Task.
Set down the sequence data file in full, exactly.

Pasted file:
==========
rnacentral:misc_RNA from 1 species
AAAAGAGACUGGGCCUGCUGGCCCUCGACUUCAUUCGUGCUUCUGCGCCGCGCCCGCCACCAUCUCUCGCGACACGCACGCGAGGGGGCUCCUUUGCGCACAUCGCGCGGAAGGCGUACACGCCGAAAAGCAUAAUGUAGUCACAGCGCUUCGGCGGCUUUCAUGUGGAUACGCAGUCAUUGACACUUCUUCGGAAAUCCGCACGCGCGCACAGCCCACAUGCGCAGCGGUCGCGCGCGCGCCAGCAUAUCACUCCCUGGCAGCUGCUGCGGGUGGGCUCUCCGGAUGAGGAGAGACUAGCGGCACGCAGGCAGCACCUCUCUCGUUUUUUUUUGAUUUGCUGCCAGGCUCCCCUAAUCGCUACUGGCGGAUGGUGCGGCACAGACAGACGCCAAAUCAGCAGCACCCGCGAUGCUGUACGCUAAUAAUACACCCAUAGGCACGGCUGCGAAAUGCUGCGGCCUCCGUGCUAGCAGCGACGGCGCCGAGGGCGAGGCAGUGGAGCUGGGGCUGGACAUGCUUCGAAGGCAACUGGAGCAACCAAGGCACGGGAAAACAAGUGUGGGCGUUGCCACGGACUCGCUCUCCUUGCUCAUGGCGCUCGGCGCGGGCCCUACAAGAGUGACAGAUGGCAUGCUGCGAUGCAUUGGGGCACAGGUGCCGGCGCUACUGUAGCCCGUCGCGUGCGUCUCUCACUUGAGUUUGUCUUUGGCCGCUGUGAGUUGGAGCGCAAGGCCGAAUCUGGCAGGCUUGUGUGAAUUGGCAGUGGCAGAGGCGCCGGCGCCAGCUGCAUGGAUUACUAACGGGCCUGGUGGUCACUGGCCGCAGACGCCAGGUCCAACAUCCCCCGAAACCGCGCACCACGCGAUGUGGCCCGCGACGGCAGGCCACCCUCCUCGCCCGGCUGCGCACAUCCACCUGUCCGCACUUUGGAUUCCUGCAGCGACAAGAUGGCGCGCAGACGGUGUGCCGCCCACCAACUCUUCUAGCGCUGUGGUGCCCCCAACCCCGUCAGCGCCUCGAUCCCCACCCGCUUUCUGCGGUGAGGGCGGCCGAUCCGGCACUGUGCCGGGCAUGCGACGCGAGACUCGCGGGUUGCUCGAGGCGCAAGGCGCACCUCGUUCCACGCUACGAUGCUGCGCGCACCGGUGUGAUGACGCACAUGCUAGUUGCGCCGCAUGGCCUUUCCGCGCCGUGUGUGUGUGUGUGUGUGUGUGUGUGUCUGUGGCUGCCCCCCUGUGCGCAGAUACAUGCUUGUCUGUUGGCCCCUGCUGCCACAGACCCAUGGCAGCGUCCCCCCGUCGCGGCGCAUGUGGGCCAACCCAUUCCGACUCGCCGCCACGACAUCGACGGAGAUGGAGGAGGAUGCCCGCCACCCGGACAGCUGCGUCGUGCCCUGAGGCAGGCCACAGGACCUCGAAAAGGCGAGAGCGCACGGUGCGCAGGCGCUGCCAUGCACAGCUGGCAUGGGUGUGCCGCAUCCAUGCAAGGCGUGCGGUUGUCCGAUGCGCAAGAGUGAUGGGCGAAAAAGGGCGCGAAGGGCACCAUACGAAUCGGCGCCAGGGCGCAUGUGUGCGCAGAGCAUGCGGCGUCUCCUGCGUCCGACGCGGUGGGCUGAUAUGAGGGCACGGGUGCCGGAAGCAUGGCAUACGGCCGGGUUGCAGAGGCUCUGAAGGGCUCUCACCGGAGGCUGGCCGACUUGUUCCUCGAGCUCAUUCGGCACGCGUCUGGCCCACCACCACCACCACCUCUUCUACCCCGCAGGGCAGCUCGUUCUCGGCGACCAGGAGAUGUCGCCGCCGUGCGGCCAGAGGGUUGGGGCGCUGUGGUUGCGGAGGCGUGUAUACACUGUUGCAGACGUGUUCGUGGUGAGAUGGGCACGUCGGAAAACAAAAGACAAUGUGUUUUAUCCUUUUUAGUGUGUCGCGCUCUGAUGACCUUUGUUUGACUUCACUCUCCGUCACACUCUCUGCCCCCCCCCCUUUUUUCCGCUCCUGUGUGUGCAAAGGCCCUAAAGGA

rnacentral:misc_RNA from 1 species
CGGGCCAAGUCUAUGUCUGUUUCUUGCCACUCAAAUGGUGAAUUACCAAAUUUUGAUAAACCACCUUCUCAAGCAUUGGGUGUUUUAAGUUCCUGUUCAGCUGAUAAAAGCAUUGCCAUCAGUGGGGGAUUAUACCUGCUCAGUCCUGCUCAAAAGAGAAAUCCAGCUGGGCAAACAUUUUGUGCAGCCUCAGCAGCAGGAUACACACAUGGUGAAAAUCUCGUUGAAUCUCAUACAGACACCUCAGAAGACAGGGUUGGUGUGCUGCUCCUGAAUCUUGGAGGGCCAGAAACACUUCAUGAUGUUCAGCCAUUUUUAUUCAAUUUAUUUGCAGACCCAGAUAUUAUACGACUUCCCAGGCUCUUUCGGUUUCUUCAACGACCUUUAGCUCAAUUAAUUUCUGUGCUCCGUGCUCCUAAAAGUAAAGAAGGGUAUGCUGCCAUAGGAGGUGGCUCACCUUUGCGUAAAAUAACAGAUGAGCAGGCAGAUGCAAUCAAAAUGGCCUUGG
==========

rnacentral:misc_RNA from 1 species
AAAAGAGACUGGGCCUGCUGGCCCUCGACUUCAUUCGUGCUUCUGCGCCGCGCCCGCCACCAUCUCUCGCGACACGCACGCGAGGGGGCUCCUUUGCGCACAUCGCGCGGAAGGCGUACACGCCGAAAAGCAUAAUGUAGUCACAGCGCUUCGGCGGCUUUCAUGUGGAUACGCAGUCAUUGACACUUCUUCGGAAAUCCGCACGCGCGCACAGCCCACAUGCGCAGCGGUCGCGCGCGCGCCAGCAUAUCACUCCCUGGCAGCUGCUGCGGGUGGGCUCUCCGGAUGAGGAGAGACUAGCGGCACGCAGGCAGCACCUCUCUCGUUUUUUUUUGAUUUGCUGCCAGGCUCCCCUAAUCGCUACUGGCGGAUGGUGCGGCACAGACAGACGCCAAAUCAGCAGCACCCGCGAUGCUGUACGCUAAUAAUACACCCAUAGGCACGGCUGCGAAAUGCUGCGGCCUCCGUGCUAGCAGCGACGGCGCCGAGGGCGAGGCAGUGGAGCUGGGGCUGGACAUGCUUCGAAGGCAACUGGAGCAACCAAGGCACGGGAAAACAAGUGUGGGCGUUGCCACGGACUCGCUCUCCUUGCUCAUGGCGCUCGGCGCGGGCCCUACAAGAGUGACAGAUGGCAUGCUGCGAUGCAUUGGGGCACAGGUGCCGGCGCUACUGUAGCCCGUCGCGUGCGUCUCUCACUUGAGUUUGUCUUUGGCCGCUGUGAGUUGGAGCGCAAGGCCGAAUCUGGCAGGCUUGUGUGAAUUGGCAGUGGCAGAGGCGCCGGCGCCAGCUGCAUGGAUUACUAACGGGCCUGGUGGUCACUGGCCGCAGACGCCAGGUCCAACAUCCCCCGAAACCGCGCACCACGCGAUGUGGCCCGCGACGGCAGGCCACCCUCCUCGCCCGGCUGCGCACAUCCACCUGUCCGCACUUUGGAUUCCUGCAGCGACAAGAUGGCGCGCAGACGGUGUGCCGCCCACCAACUCUUCUAGCGCUGUGGUGCCCCCAACCCCGUCAGCGCCUCGAUCCCCACCCGCUUUCUGCGGUGAGGGCGGCCGAUCCGGCACUGUGCCGGGCAUGCGACGCGAGACUCGCGGGUUGCUCGAGGCGCAAGGCGCACCUCGUUCCACGCUACGAUGCUGCGCGCACCGGUGUGAUGACGCACAUGCUAGUUGCGCCGCAUGGCCUUUCCGCGCCGUGUGUGUGUGUGUGUGUGUGUGUGUGUCUGUGGCUGCCCCCCUGUGCGCAGAUACAUGCUUGUCUGUUGGCCCCUGCUGCCACAGACCCAUGGCAGCGUCCCCCCGUCGCGGCGCAUGUGGGCCAACCCAUUCCGACUCGCCGCCACGACAUCGACGGAGAUGGAGGAGGAUGCCCGCCACCCGGACAGCUGCGUCGUGCCCUGAGGCAGGCCACAGGACCUCGAAAAGGCGAGAGCGCACGGUGCGCAGGCGCUGCCAUGCACAGCUGGCAUGGGUGUGCCGCAUCCAUGCAAGGCGUGCGGUUGUCCGAUGCGCAAGAGUGAUGGGCGAAAAAGGGCGCGAAGGGCACCAUACGAAUCGGCGCCAGGGCGCAUGUGUGCGCAGAGCAUGCGGCGUCUCCUGCGUCCGACGCGGUGGGCUGAUAUGAGGGCACGGGUGCCGGAAGCAUGGCAUACGGCCGGGUUGCAGAGGCUCUGAAGGGCUCUCACCGGAGGCUGGCCGACUUGUUCCUCGAGCUCAUUCGGCACGCGUCUGGCCCACCACCACCACCACCUCUUCUACCCCGCAGGGCAGCUCGUUCUCGGCGACCAGGAGAUGUCGCCGCCGUGCGGCCAGAGGGUUGGGGCGCUGUGGUUGCGGAGGCGUGUAUACACUGUUGCAGACGUGUUCGUGGUGAGAUGGGCACGUCGGAAAACAAAAGACAAUGUGUUUUAUCCUUUUUAGUGUGUCGCGCUCUGAUGACCUUUGUUUGACUUCACUCUCCGUCACACUCUCUGCCCCCCCCCCUUUUUUCCGCUCCUGUGUGUGCAAAGGCCCUAAAGGA

rnacentral:misc_RNA from 1 species
CGGGCCAAGUCUAUGUCUGUUUCUUGCCACUCAAAUGGUGAAUUACCAAAUUUUGAUAAACCACCUUCUCAAGCAUUGGGUGUUUUAAGUUCCUGUUCAGCUGAUAAAAGCAUUGCCAUCAGUGGGGGAUUAUACCUGCUCAGUCCUGCUCAAAAGAGAAAUCCAGCUGGGCAAACAUUUUGUGCAGCCUCAGCAGCAGGAUACACACAUGGUGAAAAUCUCGUUGAAUCUCAUACAGACACCUCAGAAGACAGGGUUGGUGUGCUGCUCCUGAAUCUUGGAGGGCCAGAAACACUUCAUGAUGUUCAGCCAUUUUUAUUCAAUUUAUUUGCAGACCCAGAUAUUAUACGACUUCCCAGGCUCUUUCGGUUUCUUCAACGACCUUUAGCUCAAUUAAUUUCUGUGCUCCGUGCUCCUAAAAGUAAAGAAGGGUAUGCUGCCAUAGGAGGUGGCUCACCUUUGCGUAAAAUAACAGAUGAGCAGGCAGAUGCAAUCAAAAUGGCCUUGG